Limited edition - comes with display case.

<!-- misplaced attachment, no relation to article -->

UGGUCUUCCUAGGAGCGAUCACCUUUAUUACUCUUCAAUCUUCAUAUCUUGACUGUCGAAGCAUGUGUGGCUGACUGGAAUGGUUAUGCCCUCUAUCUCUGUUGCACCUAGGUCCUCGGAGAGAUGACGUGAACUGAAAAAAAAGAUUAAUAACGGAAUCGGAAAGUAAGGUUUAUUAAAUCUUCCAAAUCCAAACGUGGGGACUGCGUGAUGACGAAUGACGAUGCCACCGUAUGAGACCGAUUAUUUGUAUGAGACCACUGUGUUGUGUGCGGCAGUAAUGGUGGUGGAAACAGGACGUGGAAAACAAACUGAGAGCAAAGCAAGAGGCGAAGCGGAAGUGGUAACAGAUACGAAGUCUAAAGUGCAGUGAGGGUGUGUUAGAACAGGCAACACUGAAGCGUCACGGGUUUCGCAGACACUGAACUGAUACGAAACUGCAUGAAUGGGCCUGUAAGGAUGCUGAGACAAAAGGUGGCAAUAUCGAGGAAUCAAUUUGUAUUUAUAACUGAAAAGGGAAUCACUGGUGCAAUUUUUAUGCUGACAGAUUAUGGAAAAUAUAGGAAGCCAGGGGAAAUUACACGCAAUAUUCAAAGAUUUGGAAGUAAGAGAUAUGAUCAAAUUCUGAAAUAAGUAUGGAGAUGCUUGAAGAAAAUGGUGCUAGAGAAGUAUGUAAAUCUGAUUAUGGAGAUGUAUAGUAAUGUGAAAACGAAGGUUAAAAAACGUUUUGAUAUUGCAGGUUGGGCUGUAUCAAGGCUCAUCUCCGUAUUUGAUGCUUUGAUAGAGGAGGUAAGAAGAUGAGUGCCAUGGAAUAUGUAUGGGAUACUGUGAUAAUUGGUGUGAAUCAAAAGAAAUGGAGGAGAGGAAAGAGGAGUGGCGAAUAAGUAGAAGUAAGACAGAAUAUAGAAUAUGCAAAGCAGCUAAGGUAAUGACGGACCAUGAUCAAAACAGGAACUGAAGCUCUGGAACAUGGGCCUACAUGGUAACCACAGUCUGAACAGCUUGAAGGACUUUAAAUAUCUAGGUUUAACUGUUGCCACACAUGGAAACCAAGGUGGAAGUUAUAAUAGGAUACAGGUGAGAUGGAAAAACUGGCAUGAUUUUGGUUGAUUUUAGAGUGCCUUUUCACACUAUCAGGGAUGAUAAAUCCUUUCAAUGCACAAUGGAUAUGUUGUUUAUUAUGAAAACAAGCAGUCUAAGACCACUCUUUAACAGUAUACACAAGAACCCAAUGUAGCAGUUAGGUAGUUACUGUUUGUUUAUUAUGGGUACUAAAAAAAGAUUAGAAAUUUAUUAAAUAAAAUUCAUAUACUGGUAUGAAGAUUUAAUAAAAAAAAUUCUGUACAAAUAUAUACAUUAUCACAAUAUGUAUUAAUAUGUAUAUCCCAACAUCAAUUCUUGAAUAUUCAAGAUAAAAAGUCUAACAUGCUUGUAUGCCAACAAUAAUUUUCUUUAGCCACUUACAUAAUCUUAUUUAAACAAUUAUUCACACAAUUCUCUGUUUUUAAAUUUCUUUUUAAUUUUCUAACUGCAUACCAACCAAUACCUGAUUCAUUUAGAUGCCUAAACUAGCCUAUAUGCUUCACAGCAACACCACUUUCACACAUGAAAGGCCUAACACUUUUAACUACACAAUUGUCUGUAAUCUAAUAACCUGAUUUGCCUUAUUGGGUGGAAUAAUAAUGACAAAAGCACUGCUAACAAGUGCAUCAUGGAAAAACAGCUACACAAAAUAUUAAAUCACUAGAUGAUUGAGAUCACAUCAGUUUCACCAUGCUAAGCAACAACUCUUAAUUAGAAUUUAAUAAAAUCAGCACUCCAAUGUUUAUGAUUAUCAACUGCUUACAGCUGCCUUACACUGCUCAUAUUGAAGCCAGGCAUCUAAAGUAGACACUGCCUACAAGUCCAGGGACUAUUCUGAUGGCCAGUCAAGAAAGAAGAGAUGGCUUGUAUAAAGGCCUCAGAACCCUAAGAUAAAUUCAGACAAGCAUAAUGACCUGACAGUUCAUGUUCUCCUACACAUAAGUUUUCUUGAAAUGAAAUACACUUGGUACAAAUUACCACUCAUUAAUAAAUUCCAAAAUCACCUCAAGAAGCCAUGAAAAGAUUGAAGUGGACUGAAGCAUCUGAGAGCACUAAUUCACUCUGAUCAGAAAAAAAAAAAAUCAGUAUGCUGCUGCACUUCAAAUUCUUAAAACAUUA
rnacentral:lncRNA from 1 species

Pan American World Airways, originally founded as Pan American Airways and commonly known as Pan Am, was the principal and largest international air carrier in the United States from 1927 until its collapse on December 4, 1991. It was founded in 1927 as a scheduled air mail and passenger service operating between Key West, Florida and Havana, Cuba. The airline is credited for many innovations that shaped the international airline industry, including the widespread use of jet aircraft, jumbo jets, and computerized reservation systems.It was also a founding member of the International Air Transport Association (IATA), the global airline industry association. Identified by its blue globe logo ("The Blue Meatball"), the use of the word "Clipper" in its aircraft names and call signs, and the white uniform caps of its pilots, the airline was a cultural icon of the 20th century. In an era dominated by flag carriers that were wholly or majority government-owned, it was also the unofficial overseas flag carrier of the United States. During most of the jet era, Pan Am's flagship terminal was the Worldport located at John F. Kennedy International Airport in New York City. Pan Am was the launch customer of the Boeing 707, placing an order for 20 in October 1955. It also ordered 25 of Douglas's DC-8, which could seat six across (the 707 originally was to be 144 inches (3.66 m) wide with five-abreast seating; Boeing widened it to match the DC-8). The combined order value was $269 million. Pan Am's first scheduled jet flight was from New York Idlewild to Paris Le Bourget (stopping at Ganderto refuel) on October 26, 1958, with Boeing 707–121 Clipper America (N711PA) with 111 passengers. The 320 "Intercontinental" series 707 in 1959-60, and the Douglas DC-8 in March 1960, enabled non-stop transatlantic crossings with a viable payload in both directions. Pan Am was the launch customer of the Boeing 747, placing a $525 million order for 25 in April 1966. On January 15, 1970 First Lady Pat Nixon christened a Pan Am Boeing 747 Clipper Young America at Washington Dulles in the presence of Pan Am president Najeeb Halaby. During the next few days, Pan Am flew several 747s to major airports in the United States as a public relations effort, allowing the public to tour the airplanes. Pan Am began its final preparations for the first 747 service on the evening of January 21, 1970, when Clipper Young America was scheduled to fly from New York John F. Kennedy to London Heathrow. An engine failure delayed the inaugural flight's departure by several hours, necessitating the substitution of another 747 which eventually flew to London Heathrow.Passengers cheered and drank champagne as the jet finally lifted off from the runway at John F. Kennedy Airport.Pan Am carried 11 million passengers over 20 billion miles (32 billion km) in 1970, the year it revolutionized air travel with the first widebodied airliner.